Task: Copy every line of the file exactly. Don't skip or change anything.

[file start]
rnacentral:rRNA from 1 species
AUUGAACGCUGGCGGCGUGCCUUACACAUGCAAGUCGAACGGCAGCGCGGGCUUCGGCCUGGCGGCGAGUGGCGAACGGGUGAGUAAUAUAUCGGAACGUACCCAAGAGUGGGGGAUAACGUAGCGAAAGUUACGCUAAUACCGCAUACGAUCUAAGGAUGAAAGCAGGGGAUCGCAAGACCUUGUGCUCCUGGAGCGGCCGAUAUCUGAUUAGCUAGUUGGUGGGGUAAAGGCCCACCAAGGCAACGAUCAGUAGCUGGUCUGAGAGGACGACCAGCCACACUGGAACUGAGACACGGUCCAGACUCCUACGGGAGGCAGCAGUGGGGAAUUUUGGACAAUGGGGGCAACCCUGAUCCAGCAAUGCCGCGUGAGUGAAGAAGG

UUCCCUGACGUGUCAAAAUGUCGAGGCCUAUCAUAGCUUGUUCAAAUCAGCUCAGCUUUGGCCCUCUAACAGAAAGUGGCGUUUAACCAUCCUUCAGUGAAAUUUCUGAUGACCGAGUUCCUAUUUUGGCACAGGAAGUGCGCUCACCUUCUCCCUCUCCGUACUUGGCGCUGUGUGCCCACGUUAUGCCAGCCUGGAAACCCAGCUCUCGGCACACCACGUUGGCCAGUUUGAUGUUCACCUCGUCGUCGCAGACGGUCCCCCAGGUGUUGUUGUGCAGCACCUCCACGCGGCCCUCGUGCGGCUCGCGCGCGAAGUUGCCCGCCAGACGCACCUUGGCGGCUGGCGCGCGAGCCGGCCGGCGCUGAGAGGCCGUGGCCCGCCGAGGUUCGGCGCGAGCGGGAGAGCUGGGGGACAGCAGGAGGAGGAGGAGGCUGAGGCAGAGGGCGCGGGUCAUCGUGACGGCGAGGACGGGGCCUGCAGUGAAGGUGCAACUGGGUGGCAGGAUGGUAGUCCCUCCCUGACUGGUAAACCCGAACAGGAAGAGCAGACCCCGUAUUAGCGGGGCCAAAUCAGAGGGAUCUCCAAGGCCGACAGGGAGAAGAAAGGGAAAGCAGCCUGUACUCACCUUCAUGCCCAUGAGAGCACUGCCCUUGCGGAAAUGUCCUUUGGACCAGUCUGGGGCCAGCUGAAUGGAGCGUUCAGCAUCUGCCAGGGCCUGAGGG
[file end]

rnacentral:rRNA from 1 species
AUUGAACGCUGGCGGCGUGCCUUACACAUGCAAGUCGAACGGCAGCGCGGGCUUCGGCCUGGCGGCGAGUGGCGAACGGGUGAGUAAUAUAUCGGAACGUACCCAAGAGUGGGGGAUAACGUAGCGAAAGUUACGCUAAUACCGCAUACGAUCUAAGGAUGAAAGCAGGGGAUCGCAAGACCUUGUGCUCCUGGAGCGGCCGAUAUCUGAUUAGCUAGUUGGUGGGGUAAAGGCCCACCAAGGCAACGAUCAGUAGCUGGUCUGAGAGGACGACCAGCCACACUGGAACUGAGACACGGUCCAGACUCCUACGGGAGGCAGCAGUGGGGAAUUUUGGACAAUGGGGGCAACCCUGAUCCAGCAAUGCCGCGUGAGUGAAGAAGG

UUCCCUGACGUGUCAAAAUGUCGAGGCCUAUCAUAGCUUGUUCAAAUCAGCUCAGCUUUGGCCCUCUAACAGAAAGUGGCGUUUAACCAUCCUUCAGUGAAAUUUCUGAUGACCGAGUUCCUAUUUUGGCACAGGAAGUGCGCUCACCUUCUCCCUCUCCGUACUUGGCGCUGUGUGCCCACGUUAUGCCAGCCUGGAAACCCAGCUCUCGGCACACCACGUUGGCCAGUUUGAUGUUCACCUCGUCGUCGCAGACGGUCCCCCAGGUGUUGUUGUGCAGCACCUCCACGCGGCCCUCGUGCGGCUCGCGCGCGAAGUUGCCCGCCAGACGCACCUUGGCGGCUGGCGCGCGAGCCGGCCGGCGCUGAGAGGCCGUGGCCCGCCGAGGUUCGGCGCGAGCGGGAGAGCUGGGGGACAGCAGGAGGAGGAGGAGGCUGAGGCAGAGGGCGCGGGUCAUCGUGACGGCGAGGACGGGGCCUGCAGUGAAGGUGCAACUGGGUGGCAGGAUGGUAGUCCCUCCCUGACUGGUAAACCCGAACAGGAAGAGCAGACCCCGUAUUAGCGGGGCCAAAUCAGAGGGAUCUCCAAGGCCGACAGGGAGAAGAAAGGGAAAGCAGCCUGUACUCACCUUCAUGCCCAUGAGAGCACUGCCCUUGCGGAAAUGUCCUUUGGACCAGUCUGGGGCCAGCUGAAUGGAGCGUUCAGCAUCUGCCAGGGCCUGAGGG